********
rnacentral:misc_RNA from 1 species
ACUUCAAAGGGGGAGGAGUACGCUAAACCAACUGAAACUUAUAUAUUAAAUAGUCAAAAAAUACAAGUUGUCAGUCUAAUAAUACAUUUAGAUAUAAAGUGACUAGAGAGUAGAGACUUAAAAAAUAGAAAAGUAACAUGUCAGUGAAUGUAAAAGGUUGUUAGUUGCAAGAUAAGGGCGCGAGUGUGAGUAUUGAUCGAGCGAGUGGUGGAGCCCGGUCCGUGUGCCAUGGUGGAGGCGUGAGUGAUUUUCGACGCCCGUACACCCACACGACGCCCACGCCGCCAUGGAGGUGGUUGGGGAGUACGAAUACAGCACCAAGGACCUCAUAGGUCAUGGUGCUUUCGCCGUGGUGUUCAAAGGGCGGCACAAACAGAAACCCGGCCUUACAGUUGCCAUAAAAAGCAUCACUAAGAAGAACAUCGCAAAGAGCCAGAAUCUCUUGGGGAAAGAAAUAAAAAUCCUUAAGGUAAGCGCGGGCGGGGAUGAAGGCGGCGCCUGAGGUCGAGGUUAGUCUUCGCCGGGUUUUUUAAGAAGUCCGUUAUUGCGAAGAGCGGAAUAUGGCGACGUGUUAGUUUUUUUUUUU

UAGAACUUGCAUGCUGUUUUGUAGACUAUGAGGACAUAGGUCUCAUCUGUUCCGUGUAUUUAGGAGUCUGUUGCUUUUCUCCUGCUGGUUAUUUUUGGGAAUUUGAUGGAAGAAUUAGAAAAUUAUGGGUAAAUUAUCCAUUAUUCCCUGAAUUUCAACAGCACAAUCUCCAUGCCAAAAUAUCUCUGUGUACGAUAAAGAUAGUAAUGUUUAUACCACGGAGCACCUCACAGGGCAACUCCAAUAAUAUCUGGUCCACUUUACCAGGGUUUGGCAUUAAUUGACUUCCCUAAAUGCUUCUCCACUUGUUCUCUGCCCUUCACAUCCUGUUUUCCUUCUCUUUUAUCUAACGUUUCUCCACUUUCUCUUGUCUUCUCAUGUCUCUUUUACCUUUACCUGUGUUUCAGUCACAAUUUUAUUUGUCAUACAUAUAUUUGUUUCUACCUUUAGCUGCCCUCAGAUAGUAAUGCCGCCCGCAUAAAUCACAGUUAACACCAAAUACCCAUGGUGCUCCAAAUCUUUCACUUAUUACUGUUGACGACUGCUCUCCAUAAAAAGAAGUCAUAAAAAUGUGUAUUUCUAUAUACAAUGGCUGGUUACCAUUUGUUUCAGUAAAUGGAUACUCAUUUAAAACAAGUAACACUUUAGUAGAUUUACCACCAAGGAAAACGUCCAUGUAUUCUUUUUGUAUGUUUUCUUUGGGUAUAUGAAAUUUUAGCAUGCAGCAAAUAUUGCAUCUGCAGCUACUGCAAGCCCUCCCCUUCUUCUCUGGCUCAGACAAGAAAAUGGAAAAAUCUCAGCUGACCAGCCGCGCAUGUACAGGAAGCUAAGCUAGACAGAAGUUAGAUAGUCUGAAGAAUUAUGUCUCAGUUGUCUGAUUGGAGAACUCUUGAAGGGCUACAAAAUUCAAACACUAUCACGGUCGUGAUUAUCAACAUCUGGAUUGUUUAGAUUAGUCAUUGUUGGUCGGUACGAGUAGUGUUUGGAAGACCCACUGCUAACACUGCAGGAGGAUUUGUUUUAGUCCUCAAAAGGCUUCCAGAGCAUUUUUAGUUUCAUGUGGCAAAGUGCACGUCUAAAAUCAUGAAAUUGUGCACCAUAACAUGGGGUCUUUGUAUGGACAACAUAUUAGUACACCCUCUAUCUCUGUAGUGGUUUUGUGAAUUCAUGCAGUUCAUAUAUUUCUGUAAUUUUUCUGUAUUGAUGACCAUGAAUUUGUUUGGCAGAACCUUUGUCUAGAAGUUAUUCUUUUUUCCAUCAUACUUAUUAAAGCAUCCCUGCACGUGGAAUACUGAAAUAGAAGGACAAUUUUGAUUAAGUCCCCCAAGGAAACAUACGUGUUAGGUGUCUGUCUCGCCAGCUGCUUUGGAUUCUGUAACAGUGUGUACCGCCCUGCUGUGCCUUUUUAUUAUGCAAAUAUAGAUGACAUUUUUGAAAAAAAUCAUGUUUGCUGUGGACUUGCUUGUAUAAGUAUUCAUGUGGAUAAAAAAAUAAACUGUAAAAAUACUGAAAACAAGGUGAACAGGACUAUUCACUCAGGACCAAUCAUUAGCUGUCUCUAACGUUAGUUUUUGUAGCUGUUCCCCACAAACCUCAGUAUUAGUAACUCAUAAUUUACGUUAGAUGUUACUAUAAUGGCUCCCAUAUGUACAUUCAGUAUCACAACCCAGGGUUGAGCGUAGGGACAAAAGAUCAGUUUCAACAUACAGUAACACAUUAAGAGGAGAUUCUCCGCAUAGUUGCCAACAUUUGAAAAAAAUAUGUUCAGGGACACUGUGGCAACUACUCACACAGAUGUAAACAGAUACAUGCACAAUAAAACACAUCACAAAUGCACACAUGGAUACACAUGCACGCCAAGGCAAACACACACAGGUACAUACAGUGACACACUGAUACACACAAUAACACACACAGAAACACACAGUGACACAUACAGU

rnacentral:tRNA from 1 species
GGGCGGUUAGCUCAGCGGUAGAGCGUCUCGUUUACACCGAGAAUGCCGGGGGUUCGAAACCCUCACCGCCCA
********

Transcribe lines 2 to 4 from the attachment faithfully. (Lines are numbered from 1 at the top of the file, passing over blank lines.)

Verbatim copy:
ACUUCAAAGGGGGAGGAGUACGCUAAACCAACUGAAACUUAUAUAUUAAAUAGUCAAAAAAUACAAGUUGUCAGUCUAAUAAUACAUUUAGAUAUAAAGUGACUAGAGAGUAGAGACUUAAAAAAUAGAAAAGUAACAUGUCAGUGAAUGUAAAAGGUUGUUAGUUGCAAGAUAAGGGCGCGAGUGUGAGUAUUGAUCGAGCGAGUGGUGGAGCCCGGUCCGUGUGCCAUGGUGGAGGCGUGAGUGAUUUUCGACGCCCGUACACCCACACGACGCCCACGCCGCCAUGGAGGUGGUUGGGGAGUACGAAUACAGCACCAAGGACCUCAUAGGUCAUGGUGCUUUCGCCGUGGUGUUCAAAGGGCGGCACAAACAGAAACCCGGCCUUACAGUUGCCAUAAAAAGCAUCACUAAGAAGAACAUCGCAAAGAGCCAGAAUCUCUUGGGGAAAGAAAUAAAAAUCCUUAAGGUAAGCGCGGGCGGGGAUGAAGGCGGCGCCUGAGGUCGAGGUUAGUCUUCGCCGGGUUUUUUAAGAAGUCCGUUAUUGCGAAGAGCGGAAUAUGGCGACGUGUUAGUUUUUUUUUUU

UAGAACUUGCAUGCUGUUUUGUAGACUAUGAGGACAUAGGUCUCAUCUGUUCCGUGUAUUUAGGAGUCUGUUGCUUUUCUCCUGCUGGUUAUUUUUGGGAAUUUGAUGGAAGAAUUAGAAAAUUAUGGGUAAAUUAUCCAUUAUUCCCUGAAUUUCAACAGCACAAUCUCCAUGCCAAAAUAUCUCUGUGUACGAUAAAGAUAGUAAUGUUUAUACCACGGAGCACCUCACAGGGCAACUCCAAUAAUAUCUGGUCCACUUUACCAGGGUUUGGCAUUAAUUGACUUCCCUAAAUGCUUCUCCACUUGUUCUCUGCCCUUCACAUCCUGUUUUCCUUCUCUUUUAUCUAACGUUUCUCCACUUUCUCUUGUCUUCUCAUGUCUCUUUUACCUUUACCUGUGUUUCAGUCACAAUUUUAUUUGUCAUACAUAUAUUUGUUUCUACCUUUAGCUGCCCUCAGAUAGUAAUGCCGCCCGCAUAAAUCACAGUUAACACCAAAUACCCAUGGUGCUCCAAAUCUUUCACUUAUUACUGUUGACGACUGCUCUCCAUAAAAAGAAGUCAUAAAAAUGUGUAUUUCUAUAUACAAUGGCUGGUUACCAUUUGUUUCAGUAAAUGGAUACUCAUUUAAAACAAGUAACACUUUAGUAGAUUUACCACCAAGGAAAACGUCCAUGUAUUCUUUUUGUAUGUUUUCUUUGGGUAUAUGAAAUUUUAGCAUGCAGCAAAUAUUGCAUCUGCAGCUACUGCAAGCCCUCCCCUUCUUCUCUGGCUCAGACAAGAAAAUGGAAAAAUCUCAGCUGACCAGCCGCGCAUGUACAGGAAGCUAAGCUAGACAGAAGUUAGAUAGUCUGAAGAAUUAUGUCUCAGUUGUCUGAUUGGAGAACUCUUGAAGGGCUACAAAAUUCAAACACUAUCACGGUCGUGAUUAUCAACAUCUGGAUUGUUUAGAUUAGUCAUUGUUGGUCGGUACGAGUAGUGUUUGGAAGACCCACUGCUAACACUGCAGGAGGAUUUGUUUUAGUCCUCAAAAGGCUUCCAGAGCAUUUUUAGUUUCAUGUGGCAAAGUGCACGUCUAAAAUCAUGAAAUUGUGCACCAUAACAUGGGGUCUUUGUAUGGACAACAUAUUAGUACACCCUCUAUCUCUGUAGUGGUUUUGUGAAUUCAUGCAGUUCAUAUAUUUCUGUAAUUUUUCUGUAUUGAUGACCAUGAAUUUGUUUGGCAGAACCUUUGUCUAGAAGUUAUUCUUUUUUCCAUCAUACUUAUUAAAGCAUCCCUGCACGUGGAAUACUGAAAUAGAAGGACAAUUUUGAUUAAGUCCCCCAAGGAAACAUACGUGUUAGGUGUCUGUCUCGCCAGCUGCUUUGGAUUCUGUAACAGUGUGUACCGCCCUGCUGUGCCUUUUUAUUAUGCAAAUAUAGAUGACAUUUUUGAAAAAAAUCAUGUUUGCUGUGGACUUGCUUGUAUAAGUAUUCAUGUGGAUAAAAAAAUAAACUGUAAAAAUACUGAAAACAAGGUGAACAGGACUAUUCACUCAGGACCAAUCAUUAGCUGUCUCUAACGUUAGUUUUUGUAGCUGUUCCCCACAAACCUCAGUAUUAGUAACUCAUAAUUUACGUUAGAUGUUACUAUAAUGGCUCCCAUAUGUACAUUCAGUAUCACAACCCAGGGUUGAGCGUAGGGACAAAAGAUCAGUUUCAACAUACAGUAACACAUUAAGAGGAGAUUCUCCGCAUAGUUGCCAACAUUUGAAAAAAAUAUGUUCAGGGACACUGUGGCAACUACUCACACAGAUGUAAACAGAUACAUGCACAAUAAAACACAUCACAAAUGCACACAUGGAUACACAUGCACGCCAAGGCAAACACACACAGGUACAUACAGUGACACACUGAUACACACAAUAACACACACAGAAACACACAGUGACACAUACAGU

rnacentral:tRNA from 1 species